In a decision handed down on 30 January 2015, Sojitz Coal Resources Pty Ltd v Commissioner of State Revenue  QSC 9, the Queensland Supreme Court ruled on what constitutes an ‘interests in land’ under the Duties Act 2001 (Qld) (Act).
The Commissioner has historically taken a very broad interpretation of ‘interest in land’, extending it to catch any right, power or privilege, over or in relation to land. The Court has now ruled this approach to be incorrect, at least in the context of the (now superseded) land rich duty provisions, with the Supreme Court deciding that an ‘interest in land’ is in fact restricted to a proprietary interest in the land. It now remains to be seen whether the Commissioner will apply this decision more broadly in the transfer duty context.
The case related to the acquisition by Sojitz Coal Resources Pty Ltd (Sojitz) of more than 50% of the shares on issue in Minerva Coal Pty Ltd (Minerva). The Commissioner had assessed duty on the acquisition on the basis that Minerva was a ‘land rich’ corporation. In reaching the conclusion that Minerva was ‘land rich’, the Commissioner included the value of mining leases held by Minerva in its ‘landholdings’ for duty purposes.
The question in issue on appeal to the Supreme Court was whether, at the relevant time, a corporation’s ‘landholdings’ included an interest in a mining lease granted under the Mineral Resources Act 1989 (Qld).
At the relevant time, ‘landholdings’ was defined to mean a ‘corporation’s interest in land, and anything fixed to the land that may be separately owned from the land…‘. However an editor’s note in the Act referred to section 36 of the Acts Interpretation Act 1954 (Qld) which expanded the definition of ‘interest’ in relation to land or other property to include a ‘right, power or privilege over or in relation to, the land or other property‘.
The Commissioner submitted that this expanded definition of land should be read so as to include a mining lease in an entity’s landholdings for duty purposes.
Justice Philip McMurdo ultimately rejected the Commissioner’s submissions and held that Minerva was not a land rich corporation at the time of the acquisition of shares by Sojitz because its mining leases did not form part of its landholdings.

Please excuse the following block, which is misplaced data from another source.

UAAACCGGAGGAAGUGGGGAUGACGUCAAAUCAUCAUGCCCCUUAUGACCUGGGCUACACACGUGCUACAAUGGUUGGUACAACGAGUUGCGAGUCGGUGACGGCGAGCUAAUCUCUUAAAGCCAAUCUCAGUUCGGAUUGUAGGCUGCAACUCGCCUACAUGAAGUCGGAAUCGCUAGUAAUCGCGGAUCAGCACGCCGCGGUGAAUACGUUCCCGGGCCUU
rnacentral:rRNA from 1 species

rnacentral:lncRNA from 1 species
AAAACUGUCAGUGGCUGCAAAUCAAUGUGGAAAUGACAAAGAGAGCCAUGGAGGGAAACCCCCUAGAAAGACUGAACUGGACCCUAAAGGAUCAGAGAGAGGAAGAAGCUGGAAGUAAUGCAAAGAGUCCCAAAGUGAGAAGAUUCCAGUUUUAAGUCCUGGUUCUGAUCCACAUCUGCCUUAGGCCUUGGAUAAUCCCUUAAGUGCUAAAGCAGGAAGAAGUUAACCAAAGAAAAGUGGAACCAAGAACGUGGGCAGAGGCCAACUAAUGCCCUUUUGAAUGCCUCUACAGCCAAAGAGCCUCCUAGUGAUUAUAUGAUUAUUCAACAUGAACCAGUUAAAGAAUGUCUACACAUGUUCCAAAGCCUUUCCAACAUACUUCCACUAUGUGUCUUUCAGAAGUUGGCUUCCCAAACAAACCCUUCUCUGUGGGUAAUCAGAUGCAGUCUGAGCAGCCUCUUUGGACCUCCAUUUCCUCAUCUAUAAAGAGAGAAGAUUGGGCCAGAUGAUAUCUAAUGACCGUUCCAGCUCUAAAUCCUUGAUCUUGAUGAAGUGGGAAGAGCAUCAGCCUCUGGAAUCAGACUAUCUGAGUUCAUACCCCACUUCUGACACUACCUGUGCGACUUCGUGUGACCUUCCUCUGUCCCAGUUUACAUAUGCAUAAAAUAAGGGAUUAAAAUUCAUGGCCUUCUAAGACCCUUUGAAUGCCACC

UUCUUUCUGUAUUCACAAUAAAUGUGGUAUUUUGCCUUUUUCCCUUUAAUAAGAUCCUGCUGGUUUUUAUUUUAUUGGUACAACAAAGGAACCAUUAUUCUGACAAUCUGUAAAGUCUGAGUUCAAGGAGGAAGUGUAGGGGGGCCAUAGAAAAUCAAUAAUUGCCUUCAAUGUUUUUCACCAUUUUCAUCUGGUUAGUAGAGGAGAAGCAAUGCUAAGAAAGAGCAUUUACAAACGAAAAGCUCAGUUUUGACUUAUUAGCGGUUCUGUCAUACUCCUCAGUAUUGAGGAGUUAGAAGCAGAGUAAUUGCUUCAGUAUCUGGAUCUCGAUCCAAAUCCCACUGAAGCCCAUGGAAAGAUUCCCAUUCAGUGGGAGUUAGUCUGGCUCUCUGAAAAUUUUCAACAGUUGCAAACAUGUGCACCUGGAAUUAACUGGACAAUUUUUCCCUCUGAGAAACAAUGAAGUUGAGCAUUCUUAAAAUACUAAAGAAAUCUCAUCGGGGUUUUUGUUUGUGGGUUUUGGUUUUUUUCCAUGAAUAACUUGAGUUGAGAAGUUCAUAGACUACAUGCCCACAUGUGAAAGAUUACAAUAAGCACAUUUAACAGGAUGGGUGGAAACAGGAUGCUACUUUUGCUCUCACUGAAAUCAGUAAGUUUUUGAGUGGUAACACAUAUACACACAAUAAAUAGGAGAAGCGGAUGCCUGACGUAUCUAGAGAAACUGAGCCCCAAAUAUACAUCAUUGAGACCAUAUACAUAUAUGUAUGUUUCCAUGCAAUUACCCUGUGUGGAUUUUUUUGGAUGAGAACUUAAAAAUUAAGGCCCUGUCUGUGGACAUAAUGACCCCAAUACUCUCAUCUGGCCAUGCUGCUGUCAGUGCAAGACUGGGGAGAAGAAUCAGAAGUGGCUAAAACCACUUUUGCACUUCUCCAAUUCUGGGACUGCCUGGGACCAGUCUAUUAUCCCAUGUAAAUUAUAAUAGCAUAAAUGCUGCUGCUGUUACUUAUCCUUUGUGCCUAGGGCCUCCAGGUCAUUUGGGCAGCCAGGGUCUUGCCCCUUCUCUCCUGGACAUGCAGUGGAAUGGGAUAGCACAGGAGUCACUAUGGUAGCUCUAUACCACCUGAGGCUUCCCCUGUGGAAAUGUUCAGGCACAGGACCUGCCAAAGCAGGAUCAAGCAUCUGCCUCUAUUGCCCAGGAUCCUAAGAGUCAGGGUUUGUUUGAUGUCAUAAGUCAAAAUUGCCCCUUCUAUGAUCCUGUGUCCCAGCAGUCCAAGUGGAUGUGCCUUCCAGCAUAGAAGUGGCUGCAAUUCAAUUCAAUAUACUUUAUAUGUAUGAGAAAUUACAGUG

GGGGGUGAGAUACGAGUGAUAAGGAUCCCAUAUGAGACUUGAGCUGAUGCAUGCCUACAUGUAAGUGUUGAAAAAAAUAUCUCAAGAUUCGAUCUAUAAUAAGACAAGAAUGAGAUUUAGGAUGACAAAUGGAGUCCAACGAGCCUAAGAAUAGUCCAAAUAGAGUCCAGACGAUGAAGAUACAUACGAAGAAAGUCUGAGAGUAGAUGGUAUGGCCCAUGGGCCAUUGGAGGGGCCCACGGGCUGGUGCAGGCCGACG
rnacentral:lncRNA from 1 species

This conclusion was reached based on Justice McMurdo’s view that the expression ‘interest in land’ (as used in the relevant section of the Duties Act at the time) should be read in accordance with the ordinary meaning of that phrase – which is confined to a proprietary interest in the land and does not include a mining lease. As extrinsic material, the editor’s note could only be used in interpreting the expression ‘interest in land’ in circumstances where that expression was unclear or ambiguous.
It is interesting to note that the same editor’s note appears in section 10 of the Act (which relates to transfer duty) and the same rules of statutory interpretation will need to be applied in determining if a more restrictive definition of ‘interest’ is appropriate in that context as well.
The definition of land in the Act was amended in 2012 to specifically include reference to a ‘resource authority’ (which includes a mining tenement under the Mineral Resources Act 1989 (Qld)), so the relevance of this decision in the context of mining tenements is limited to transactions that occurred before that date.
However, the potential broader implications are significant. This decision certainly impacts on the scope of the landholder duty provisions and the same arguments may also be applied to limit the transfer duty payable in certain circumstances.
McCullough Robertson’s specialist duty and tax litigation teams were engaged by the taxpayer to act in this appeal and are happy to discuss the issues raised and the potential implications for future transactions.